Think it’s crazy something like that could even happen? So did Willie King, who had the wrong leg amputated at the University Community Hospital in Tampa in 1995. Benjamin Houghton had his non-cancerous testicle removed at the West Los Angeles VA Medical Center. Rhode Island Hospital drilled a hole in the wrong side of a patient’s head. And only a complaint from the doctor whose patient was supposed to be in the operation room stopped Joan Morris from getting the open heart surgery scheduled for another patient.
All in all, the number of people facing a medical error is 1 in 361 patients in the United States, according to the Institute of Medicine’s 1999 report, To Err is Human. The report points out that between 44,000 and 98,000 people die in hospitals each year as a direct result of medical errors that could have been prevented in 55% of cases.
To put things in perspective, more people die from medical mistakes in hospitals than die in car accidents every year.
The cost to hospitals is estimated between $17 billion and $29 billion, but who can put a price tag on the lives, health and well being of affected patients?
After a medical error, patients report feeling outraged, hurt, and paranoid about their future prospects for good medical care, even if they switch doctors. Despite ultimately receiving outstanding care for his heart from another doctor, actor/comedian Dana Carvey will never get over a double bypass on the wrong artery, “I was very lucky in that I didn’t sustain heart muscle damage. But knowing what I do now, I would never take a gamble like that again.”
4 Tips to Prevent Surgical Errors from Happening to You
How can you prevent surgical errors from happening to you, ruining your life, or even killing you? Hospitals are working on their own counting and checking systems, according to Becker’s Hospital Review, but you shouldn’t be passive when it comes to your health and your life. While there’s not 100% fool-proof method, here are four top tips:
- Avoid unnecessary surgery. Learn to live with your nose, go on a diet instead of having liposuction, and explore all-natural health cures first. After all, why risk your life on something like back surgery when there are so many ways to stop the pain now without surgery?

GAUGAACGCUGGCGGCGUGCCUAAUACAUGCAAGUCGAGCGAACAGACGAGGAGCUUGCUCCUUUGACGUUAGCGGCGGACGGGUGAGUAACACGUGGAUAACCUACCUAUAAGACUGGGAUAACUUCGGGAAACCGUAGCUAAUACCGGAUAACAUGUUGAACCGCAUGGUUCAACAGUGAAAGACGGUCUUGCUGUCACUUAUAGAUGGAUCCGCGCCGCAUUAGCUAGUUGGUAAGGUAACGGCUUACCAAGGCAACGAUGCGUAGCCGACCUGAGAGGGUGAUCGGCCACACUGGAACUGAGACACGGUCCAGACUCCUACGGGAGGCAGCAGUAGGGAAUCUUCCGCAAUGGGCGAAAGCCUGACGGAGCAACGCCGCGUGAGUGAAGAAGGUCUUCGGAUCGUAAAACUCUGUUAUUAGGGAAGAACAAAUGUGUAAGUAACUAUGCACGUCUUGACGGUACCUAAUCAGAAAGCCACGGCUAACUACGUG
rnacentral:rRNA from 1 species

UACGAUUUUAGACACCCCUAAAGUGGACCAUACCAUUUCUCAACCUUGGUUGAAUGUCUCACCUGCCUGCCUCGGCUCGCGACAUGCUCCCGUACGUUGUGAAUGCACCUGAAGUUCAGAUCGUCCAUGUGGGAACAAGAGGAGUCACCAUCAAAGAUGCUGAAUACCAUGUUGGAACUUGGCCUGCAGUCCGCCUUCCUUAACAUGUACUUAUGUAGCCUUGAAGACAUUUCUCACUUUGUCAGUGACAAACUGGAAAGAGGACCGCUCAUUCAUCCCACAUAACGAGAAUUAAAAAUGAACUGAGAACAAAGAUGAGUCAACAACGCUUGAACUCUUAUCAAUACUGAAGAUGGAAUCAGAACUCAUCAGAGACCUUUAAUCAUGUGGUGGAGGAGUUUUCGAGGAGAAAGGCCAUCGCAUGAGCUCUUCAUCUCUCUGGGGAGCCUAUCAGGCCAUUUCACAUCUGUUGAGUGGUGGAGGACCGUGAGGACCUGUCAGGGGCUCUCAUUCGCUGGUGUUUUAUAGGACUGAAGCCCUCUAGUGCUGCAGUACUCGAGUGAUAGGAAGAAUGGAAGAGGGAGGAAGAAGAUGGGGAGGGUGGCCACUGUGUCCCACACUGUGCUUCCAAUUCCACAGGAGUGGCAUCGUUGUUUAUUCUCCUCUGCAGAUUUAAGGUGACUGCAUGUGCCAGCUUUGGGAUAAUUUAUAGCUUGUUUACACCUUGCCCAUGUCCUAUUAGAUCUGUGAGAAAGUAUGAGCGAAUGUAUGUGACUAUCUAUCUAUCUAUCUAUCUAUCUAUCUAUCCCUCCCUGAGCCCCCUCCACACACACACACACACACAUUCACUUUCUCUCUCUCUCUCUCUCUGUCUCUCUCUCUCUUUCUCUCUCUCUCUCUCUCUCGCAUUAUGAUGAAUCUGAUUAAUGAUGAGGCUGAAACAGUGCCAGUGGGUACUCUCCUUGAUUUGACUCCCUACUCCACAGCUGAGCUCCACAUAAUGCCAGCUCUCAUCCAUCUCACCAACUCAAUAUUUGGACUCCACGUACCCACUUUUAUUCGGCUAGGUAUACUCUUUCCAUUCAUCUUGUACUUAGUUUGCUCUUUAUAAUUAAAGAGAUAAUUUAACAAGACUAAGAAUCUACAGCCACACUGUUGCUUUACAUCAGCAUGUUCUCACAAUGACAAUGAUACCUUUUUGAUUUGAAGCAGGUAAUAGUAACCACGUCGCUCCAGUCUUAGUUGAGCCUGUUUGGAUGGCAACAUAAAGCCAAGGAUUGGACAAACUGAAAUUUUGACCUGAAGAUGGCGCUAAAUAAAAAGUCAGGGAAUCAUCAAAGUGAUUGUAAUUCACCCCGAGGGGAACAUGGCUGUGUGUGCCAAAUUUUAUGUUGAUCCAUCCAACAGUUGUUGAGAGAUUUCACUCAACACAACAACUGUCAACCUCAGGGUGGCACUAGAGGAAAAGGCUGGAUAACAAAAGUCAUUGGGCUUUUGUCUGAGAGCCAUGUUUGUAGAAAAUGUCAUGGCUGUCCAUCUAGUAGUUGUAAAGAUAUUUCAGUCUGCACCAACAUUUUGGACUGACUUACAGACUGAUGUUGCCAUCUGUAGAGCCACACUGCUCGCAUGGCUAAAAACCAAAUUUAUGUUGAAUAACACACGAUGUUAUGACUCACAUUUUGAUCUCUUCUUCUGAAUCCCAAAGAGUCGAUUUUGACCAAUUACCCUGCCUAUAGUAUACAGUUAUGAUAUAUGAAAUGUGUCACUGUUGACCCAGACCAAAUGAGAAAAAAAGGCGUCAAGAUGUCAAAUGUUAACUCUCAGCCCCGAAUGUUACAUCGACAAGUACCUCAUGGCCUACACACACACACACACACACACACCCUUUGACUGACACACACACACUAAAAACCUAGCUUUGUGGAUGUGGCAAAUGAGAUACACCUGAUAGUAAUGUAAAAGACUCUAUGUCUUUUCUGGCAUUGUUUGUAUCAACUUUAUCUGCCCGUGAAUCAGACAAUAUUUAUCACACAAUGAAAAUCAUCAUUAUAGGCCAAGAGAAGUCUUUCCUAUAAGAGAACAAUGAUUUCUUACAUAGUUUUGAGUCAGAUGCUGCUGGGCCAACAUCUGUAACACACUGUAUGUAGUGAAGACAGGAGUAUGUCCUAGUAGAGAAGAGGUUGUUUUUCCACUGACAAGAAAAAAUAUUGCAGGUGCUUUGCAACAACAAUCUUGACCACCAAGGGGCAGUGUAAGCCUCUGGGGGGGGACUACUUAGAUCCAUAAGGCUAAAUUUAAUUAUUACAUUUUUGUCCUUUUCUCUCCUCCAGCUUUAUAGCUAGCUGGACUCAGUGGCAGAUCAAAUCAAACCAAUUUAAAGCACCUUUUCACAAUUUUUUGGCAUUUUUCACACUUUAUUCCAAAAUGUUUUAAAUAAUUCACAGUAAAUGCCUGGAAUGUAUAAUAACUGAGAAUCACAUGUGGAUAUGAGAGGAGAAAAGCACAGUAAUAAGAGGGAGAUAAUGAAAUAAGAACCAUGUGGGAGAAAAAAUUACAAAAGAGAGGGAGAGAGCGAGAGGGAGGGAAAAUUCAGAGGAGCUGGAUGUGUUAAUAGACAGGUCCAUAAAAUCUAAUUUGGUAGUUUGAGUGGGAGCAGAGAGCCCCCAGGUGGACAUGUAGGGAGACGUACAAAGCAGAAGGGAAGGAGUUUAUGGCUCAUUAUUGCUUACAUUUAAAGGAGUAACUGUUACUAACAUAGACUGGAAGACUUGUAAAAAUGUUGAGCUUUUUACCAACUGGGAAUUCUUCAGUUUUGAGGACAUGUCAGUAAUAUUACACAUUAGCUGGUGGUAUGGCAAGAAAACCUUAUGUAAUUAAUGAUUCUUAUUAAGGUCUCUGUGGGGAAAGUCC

- Have a doctor you like and trust. Why work with a doctor you don’t know or don’t trust? Get a second opinion, transfer to a new doctor, or request someone else if you don’t have a relationship with your doctor that makes you feel comfortable about the surgery.
- Be an informed patient. Do your research. Is your doctor a student practitioner or fully licensed? How many of these procedures have they done? What exactly is supposed to happen in the operating room, and how should your recovery look? Does the surgical team do a count and check with every surgery? If you know what’s going on, what safety measures are in place, and what to look for in terms of problems, you’ll prevent and catch many errors before it’s too late.
- Know what’s special or different in your case — and make sure your doctor knows, too. Surgical errors and accidents happen more often when there is something complex or different about the surgery. Do extra preparation and research with your doctor going into a surgical situation if you know there is something different about your case.
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Crowley, C. Mistakes, Advances in New York’s Hospitals. Times Union. 2010 Sep 20.
Falcon, M. Heart Operation No Laugh for Dana Carvey. USA Today. 2001 Nov 5.
Inbar, M. Doctors find 1-square foot sponge inside patient. MSNBC. 2010 Sep 15.
JAMA and Archives Journals. Surgical Errors Remain a Challenge in and out of the Operating Room. ScienceDaily. 2009 Nov 16.
Loyola University Health System. Surgical Objects Accidentally Left Inside About 1,500 Patients In US Each Year. ScienceDaily. 2007 Dec 8.
Oh, J. 4 Best Practices for Minimizing Retained Surgical Items. Becker’s Hospital Review. 2011 Feb 17.
Rosen Louik & Perry, P.C. 13 Disturbing Cases of Medical Malpractice. 2007.
Steelman, V. Sensitivity of detection of radiofrequency surgical sponges: a prospective, cross-over study. The American Journal of Surgery. 2010 Mar 31.
Institute of Medicine. To Err is Human: Building a Safer Health System. 1999 Nov.